Three graduate students, Keila Miles and Jennifer Patritti both in the Neuroscience Graduate Program in the College of Medicine, along with Mirelis Santos-Cancel of the Department of Chemistry, have been named fellows with the Yale Ciencia Academy for Career Development.
The academy has accepted 40 young researchers from across the United States to provide opportunities for professional mentorship, networking and other skills designed to make a contribution to their communities through science outreach. Yale Ciencia Academy’s focus is to increase the number of Puerto Rican and Hispanic scientists serving communities.
The academy is sponsored by the non-profit organization Ciencia Puerto Rico in collaboration with Yale University. Miles, Patritti and Santos-Cancel attended the American Association for the Advancement of Science (AAAS) meeting in Austin, Texas, February 15-19, as part of the academy’s networking program. That meeting was an opportunity to meet influential figures in science, government and politics, like former Vice-President, Joseph Biden, who was a featured speaker at the AAAS.
The graduate students will remain engaged during a year-long program through Yale Ciencia Academy, mostly virtual via webinar, to stay connected with leaders in the biological, biomedical, health and behavioral sciences.
"I applied for Yale Ciencia Academy in hopes the workshops and opportunities that are offered can help me figure out what I want to do with my PhD after my studies are complete,” says Patritti, who is in her second-year training as a PhD student and working in the laboratory of Nancy Ratner, PhD, assistant professor of pediatrics at UC and a Cincinnati Children’s researcher.
"It could be academia, industry or science policy. I am hoping to network with people who can help me figure out the next step,” says Patritti.
As a member of Ratner’s team of researchers, Patritti is studying neurofibromatosis type 1, a common inherited disorder in which children are predisposed to cancer of the nervous system and the growth of tumors along nerves in the skin, brain and other parts of the body. As part of her doctoral research, Patritti is looking at cell signaling mechanisms that cause tumor formation.
Miles, in her fifth-year training as a PhD student, says networking through Yale Ciencia Academy is essential as she nears the end of her research studies at UC. "Networking is important at every stage of the game, but now it’s more tangible because these professionals could help guide me into the career I want,” says Miles, who is pursuing a career in science policy and advocacy.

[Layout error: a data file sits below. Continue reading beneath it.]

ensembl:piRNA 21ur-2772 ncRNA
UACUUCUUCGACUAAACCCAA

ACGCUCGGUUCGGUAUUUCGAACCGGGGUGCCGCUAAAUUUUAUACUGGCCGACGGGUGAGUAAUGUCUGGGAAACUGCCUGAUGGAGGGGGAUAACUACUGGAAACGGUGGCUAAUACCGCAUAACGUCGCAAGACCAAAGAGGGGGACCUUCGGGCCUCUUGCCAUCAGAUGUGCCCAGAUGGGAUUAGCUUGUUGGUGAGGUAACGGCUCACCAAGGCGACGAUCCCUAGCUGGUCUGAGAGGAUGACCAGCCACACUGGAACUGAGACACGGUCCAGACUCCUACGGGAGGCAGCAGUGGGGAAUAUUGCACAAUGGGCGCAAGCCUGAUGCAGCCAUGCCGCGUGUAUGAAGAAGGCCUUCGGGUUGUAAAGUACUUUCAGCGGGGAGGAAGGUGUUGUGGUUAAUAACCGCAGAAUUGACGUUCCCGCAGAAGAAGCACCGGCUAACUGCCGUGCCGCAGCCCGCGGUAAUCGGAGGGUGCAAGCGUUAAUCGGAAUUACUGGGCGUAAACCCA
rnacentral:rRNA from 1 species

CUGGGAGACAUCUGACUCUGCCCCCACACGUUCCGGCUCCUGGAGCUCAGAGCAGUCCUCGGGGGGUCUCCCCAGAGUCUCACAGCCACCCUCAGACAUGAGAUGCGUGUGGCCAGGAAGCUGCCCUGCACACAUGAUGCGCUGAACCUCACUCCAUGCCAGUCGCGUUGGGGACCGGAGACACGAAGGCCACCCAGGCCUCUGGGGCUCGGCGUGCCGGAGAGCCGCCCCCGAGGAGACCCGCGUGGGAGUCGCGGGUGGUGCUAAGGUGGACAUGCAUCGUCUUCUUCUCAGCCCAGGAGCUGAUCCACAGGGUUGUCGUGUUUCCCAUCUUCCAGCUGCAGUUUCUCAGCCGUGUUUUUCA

She is a team member in the laboratory of Matthew Skelton, PhD, assistant professor of pediatrics at UC and a Cincinnati Children’s researcher. Miles is studying creatine transporter deficiency (CTD), a metabolic disorder that adversely affect cognitive function in two percent of males with intellectually disability. Her dissertation research centers on the use of ketogenic diet as possible treatment for CTD.
Santos-Cancel, a fourth-year doctoral candidate, works closely with Ryan White, PhD, associate professor of chemistry and Eminent Scholar in UC College of Arts and Sciences. Her research is interdisciplinary and is focused on the development of cutting-edge electrochemical probes for the detection and quantification of adenosine triphosphate (ATP) and elucidation of this molecule’s role in brain process with enhanced spatiotemporal resolution and high specificity.
"My experience meeting the Yale Ciencia Academy fellows in Austin was fulfilling and empowering,” says Santos-Cancel. "I really feel I am part of a movement to advance inclusiveness in the STEM field through outreach and science policy.”
Miles, who identifies as Afro-Latino, says increasing the number of researchers from minority communities, increases the pool of scientific talent. "Diversity is necessary for forward movement. When approaching scientific issues it is helpful to have different perspectives, increasing our ability to problem solve.”
Iain Cartwright, PhD, associate dean and director of the Office of Graduate Education in the College of Medicine, says the three fellows offer excellent representation for the university and will make a wonderful contribution to the Yale Ciencia Academy for Career Development.
"We couldn’t be more pleased that our students in the College of Medicine and across UC have been chosen to participate in this highly selective and prestigious NIH-supported program,” says Cartwright. "It confirms our belief that our graduate students and our graduate training programs at the university are second to none on the national scene. The opportunities afforded to them in this science academy and the experience gained can only broaden the influence and participation of scientists from diverse backgrounds in the biomedical research enterprise for the future.”